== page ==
This was a total impulse buy. I have a hard time imagining that anyone would need this much inspiration for portals. But, boy howdy, if you do, this is the place to get it. And good luck getting through this book without wanting to make an elaborate network of portals a regular feature of your campaign.
In a blog-rich environment where people regularly put forward tables on all manner of things (d30 Rainy-day Encounters, d100 Things Found at the Bottom of a Well, d1000 Animal-motif Combs in the Elf-Queen's Hair), it may seem unnecessary to pay real money for a collection of tables on a minor aspect of the game. But these are solid and extensive. And they're fun.
Because portals and their particular destinations can have big setting implications, this would be a great resource to turn to when you're establishing a new campaign. Or when you need to expand an existing campaign by opening up some radically different vistas.
Paolo Greco writes well. He's clear and ordered, and conversational and funny, but not ostentatiously so. Remind me to look up his other works.
tl;dr: Inessential, but fun!
Sunday, June 28, 2015
Thursday, June 18, 2015
I've been using attribute checks a lot, lately. My PbP game is Beyond the Wall, which uses attributes and additive skill bonuses. At home, I've been playing Holmes with the kid, with straight attribute checks bolted on.
Now, there is a powerful spartan appeal to the default 1d6 skill check of OD&D and B/X. And there's a curvy elegance to the 2d6 check of Traveller and *World. You can use OD&D-style attribute bonuses with 1d6, and B/X-style bonuses with 2d6 without breaking anything. But I've been using using the standard d20 vs. Attribute Score.
Largely, this is because I hate to not use the attribute scores. They are such a prominent part of the character sheet, we expend such hope and energy on rolling them up, and they are so central to how we envision our character—how could we not use them?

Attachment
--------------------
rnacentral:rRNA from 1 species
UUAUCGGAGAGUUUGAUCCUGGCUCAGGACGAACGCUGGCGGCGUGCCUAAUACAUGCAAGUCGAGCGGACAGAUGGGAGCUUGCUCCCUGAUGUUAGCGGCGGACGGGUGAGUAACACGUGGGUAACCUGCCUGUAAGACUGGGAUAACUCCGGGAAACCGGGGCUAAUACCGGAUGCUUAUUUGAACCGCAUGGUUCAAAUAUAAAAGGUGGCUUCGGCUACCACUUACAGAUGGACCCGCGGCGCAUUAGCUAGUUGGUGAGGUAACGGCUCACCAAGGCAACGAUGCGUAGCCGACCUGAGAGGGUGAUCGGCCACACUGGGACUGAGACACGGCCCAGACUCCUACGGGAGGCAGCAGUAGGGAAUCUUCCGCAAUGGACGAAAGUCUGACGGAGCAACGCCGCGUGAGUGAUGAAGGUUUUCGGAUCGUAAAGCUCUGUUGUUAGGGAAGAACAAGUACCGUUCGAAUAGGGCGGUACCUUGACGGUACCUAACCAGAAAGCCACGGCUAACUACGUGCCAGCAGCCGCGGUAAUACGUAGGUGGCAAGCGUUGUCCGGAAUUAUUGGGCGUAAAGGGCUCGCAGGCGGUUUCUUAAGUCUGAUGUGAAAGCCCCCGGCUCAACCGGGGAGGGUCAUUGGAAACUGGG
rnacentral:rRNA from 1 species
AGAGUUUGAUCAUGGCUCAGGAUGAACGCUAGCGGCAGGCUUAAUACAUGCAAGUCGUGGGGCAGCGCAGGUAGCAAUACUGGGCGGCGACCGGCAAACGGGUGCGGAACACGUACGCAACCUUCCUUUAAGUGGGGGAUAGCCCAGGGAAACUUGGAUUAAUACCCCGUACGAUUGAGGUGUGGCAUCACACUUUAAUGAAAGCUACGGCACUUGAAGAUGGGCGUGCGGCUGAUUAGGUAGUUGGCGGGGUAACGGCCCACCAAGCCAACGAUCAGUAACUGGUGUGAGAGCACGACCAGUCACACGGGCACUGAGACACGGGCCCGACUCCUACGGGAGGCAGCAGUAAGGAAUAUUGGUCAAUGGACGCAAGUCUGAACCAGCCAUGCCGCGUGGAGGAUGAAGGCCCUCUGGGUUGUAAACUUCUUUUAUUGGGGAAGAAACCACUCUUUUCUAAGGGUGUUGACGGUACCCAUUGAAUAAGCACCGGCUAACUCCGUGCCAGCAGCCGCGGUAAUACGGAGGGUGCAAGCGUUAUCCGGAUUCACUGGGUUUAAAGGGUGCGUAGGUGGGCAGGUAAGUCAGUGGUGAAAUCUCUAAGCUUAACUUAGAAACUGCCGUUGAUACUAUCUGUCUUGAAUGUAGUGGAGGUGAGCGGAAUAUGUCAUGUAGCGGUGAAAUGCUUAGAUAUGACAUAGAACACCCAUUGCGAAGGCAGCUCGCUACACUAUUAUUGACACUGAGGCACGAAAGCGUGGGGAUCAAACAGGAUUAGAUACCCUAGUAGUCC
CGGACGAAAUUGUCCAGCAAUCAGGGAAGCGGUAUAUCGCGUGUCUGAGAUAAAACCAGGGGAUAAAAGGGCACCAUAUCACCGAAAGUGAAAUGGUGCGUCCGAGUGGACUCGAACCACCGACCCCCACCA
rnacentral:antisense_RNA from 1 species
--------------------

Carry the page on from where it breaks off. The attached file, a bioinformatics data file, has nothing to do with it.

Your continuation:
With the kid's games, I've found this especially gratifying. The kid grasped the significance of the attributes, and how to apply them to a single roll of a d20. He immediately began suggesting when checks of which attributes were appropriate. And he's taught his friends how to play using this system. Successful transfer from one seven-year-old to another has got to be the golden hallmark of conceptual elegance.
I don't like the math. I don't like the straight line of probability one gets from a d20. A high stat feels too assured of victory, and a medium stat feels too arbitrary. If you're adding skill bonuses to attributes (which strikes me as a pretty straightforward way to handle skills), you have to start imposing limits to make sure characters aren't guaranteed success. And when I add situational bonuses and penalties, I always feel like I'm kinda pulling numbers out of the air.
I've been thinking about this system.
Roll under your attribute on:
2d6 for an Easy task;
3d6 for Average;
4d6 for Hard;
5d6 for Extraordinarily Hard;
6d6 for Total Longshot.
And if you every need a comedy roll to, say, see how long your Charisma 3 Barbarian can last at the Duchess' Tea Party, you can use a 1d6.
Output 1: 1d6 / Output 2: 2d6 / Output 3: 3d6 / Output 4: 4d6 / Output 5: 5d6 / Output 6: 6d6
If you've played with this sort of check before, I'd love to hear your take on it.